It is also important to consider the patient’s comfort. “Pillows, warmed blankets, water to drink, changing the temperature in the room…these all make people feel cared for,” she said.

Ms Lancaster led a brainstorming session and asked managers what they had done to improve the patient experience in their own practices. One participant noticed that the billing window at her office was too visible from the waiting room. Since they could not change the configuration of the building, they provided a sense of privacy for patients with some well-placed large plants. These types of changes can make a huge difference in the overall patient experience.

Patient Communication and Advocacy

Ms Lancaster reminded attendees to keep their patients in the loop. For example, if the physician is running 10 minutes behind, let them know. “Everyone does better when they know what’s happening,” she said. And ask patients how they prefer to communicate, such as via text, a phone call, or e-mail.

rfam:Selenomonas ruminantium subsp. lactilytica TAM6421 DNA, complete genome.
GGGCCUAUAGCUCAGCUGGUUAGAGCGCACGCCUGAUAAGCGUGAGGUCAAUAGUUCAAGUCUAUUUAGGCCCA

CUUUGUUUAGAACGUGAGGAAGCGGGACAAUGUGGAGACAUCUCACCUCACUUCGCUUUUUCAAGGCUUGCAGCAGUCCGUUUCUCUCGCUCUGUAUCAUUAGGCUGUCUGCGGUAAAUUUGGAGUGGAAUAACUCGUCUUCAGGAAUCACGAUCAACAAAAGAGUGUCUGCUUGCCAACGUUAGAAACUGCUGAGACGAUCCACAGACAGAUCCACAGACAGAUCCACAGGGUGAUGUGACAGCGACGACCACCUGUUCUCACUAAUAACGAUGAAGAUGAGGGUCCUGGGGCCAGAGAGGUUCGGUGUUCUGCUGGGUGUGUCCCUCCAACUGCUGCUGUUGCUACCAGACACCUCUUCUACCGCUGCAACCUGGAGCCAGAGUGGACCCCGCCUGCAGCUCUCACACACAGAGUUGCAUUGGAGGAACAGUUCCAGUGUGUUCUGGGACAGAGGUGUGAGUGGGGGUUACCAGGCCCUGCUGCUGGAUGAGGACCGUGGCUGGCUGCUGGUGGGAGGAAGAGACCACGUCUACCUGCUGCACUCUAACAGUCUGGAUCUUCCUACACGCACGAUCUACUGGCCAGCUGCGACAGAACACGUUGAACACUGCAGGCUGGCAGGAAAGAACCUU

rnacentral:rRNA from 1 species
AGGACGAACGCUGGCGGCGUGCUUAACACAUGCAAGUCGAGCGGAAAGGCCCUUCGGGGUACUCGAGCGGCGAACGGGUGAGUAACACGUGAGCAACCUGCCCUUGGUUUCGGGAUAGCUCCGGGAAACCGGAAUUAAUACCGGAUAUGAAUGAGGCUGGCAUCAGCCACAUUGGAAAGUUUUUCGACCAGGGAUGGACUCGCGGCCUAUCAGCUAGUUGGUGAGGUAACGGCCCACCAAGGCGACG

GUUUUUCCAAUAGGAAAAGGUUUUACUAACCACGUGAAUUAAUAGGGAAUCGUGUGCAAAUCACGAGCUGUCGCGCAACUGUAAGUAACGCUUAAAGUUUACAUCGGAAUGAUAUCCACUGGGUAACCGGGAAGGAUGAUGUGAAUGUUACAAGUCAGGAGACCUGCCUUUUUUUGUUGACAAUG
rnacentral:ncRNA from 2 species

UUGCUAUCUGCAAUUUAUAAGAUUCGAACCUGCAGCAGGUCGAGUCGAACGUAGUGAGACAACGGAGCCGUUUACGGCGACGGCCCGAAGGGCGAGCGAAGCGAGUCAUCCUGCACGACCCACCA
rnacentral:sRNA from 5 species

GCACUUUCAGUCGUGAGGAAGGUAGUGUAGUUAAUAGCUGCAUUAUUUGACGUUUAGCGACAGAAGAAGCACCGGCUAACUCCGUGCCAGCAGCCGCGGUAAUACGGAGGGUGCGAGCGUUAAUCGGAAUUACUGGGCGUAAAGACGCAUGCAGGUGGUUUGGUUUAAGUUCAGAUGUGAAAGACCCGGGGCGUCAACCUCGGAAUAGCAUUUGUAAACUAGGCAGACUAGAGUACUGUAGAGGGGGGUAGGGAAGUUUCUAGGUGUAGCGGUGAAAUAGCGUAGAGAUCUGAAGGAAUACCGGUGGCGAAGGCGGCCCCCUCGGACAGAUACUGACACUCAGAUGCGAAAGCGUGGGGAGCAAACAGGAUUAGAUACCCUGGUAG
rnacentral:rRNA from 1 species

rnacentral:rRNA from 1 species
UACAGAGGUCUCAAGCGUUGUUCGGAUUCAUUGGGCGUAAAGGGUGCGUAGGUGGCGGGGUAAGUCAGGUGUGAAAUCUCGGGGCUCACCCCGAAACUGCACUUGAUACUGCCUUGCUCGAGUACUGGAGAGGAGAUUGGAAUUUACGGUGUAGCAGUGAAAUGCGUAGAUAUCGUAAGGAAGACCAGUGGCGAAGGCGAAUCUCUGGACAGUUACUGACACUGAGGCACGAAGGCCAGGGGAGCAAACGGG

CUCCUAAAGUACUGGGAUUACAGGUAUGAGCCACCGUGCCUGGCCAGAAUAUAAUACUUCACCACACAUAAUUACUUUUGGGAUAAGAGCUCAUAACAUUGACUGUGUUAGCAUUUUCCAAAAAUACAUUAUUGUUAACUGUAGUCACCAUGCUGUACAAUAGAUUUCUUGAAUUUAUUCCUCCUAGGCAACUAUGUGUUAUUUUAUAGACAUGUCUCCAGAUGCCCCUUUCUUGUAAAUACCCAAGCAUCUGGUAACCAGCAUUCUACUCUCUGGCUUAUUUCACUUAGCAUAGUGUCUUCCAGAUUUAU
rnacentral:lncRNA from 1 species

More and more, when it comes to healthcare, patients are seeking information from sources they trust (most often online sources). Therefore, it is important that managers remain open to dialogue and try to provide additional resources that patients will respect.

“Curate peer-generated resources,” she said. “If you find a great story or piece of information, keep it on file using a tool like Pocket. When patients come to you with questions, you’ll have an arsenal of consumer-friendly stories to share.”

According to Ms Lancaster, the “quicker click” is now a reality, and patients expect to be able to connect with their providers easily. Avoid making phone calls to younger patients, but keep in mind that older patients often prefer this method of communication.

When communicating with older patients, ensure that their concerns are being addressed. “They may be doing what they are told and not asking questions,” she noted. “You need to fish for these.”

If your office uses a certain type of software, help patients with the technology, she suggested. Consider setting up a “demo desk” with a computer to show them how to log into their account, schedule appointments, or access their medical records.